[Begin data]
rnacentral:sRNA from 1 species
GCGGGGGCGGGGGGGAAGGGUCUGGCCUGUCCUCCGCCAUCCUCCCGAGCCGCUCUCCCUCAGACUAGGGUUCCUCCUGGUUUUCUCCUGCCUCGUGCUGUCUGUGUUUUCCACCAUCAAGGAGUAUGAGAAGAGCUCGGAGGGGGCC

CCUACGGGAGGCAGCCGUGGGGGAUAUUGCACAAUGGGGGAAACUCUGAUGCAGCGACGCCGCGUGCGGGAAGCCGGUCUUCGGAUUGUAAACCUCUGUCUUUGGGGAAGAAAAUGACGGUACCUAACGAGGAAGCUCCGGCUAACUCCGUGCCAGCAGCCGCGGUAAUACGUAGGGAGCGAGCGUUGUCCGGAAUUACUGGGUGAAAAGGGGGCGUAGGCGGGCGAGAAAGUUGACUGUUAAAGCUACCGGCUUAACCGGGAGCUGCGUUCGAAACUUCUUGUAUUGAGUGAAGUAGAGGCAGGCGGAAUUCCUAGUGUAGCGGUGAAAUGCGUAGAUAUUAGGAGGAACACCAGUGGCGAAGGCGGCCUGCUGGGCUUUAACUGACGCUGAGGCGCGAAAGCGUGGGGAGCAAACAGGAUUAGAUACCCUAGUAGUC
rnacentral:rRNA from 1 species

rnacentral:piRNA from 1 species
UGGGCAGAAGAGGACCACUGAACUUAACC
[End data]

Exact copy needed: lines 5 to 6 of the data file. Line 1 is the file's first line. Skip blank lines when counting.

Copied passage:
rnacentral:piRNA from 1 species
UGGGCAGAAGAGGACCACUGAACUUAACC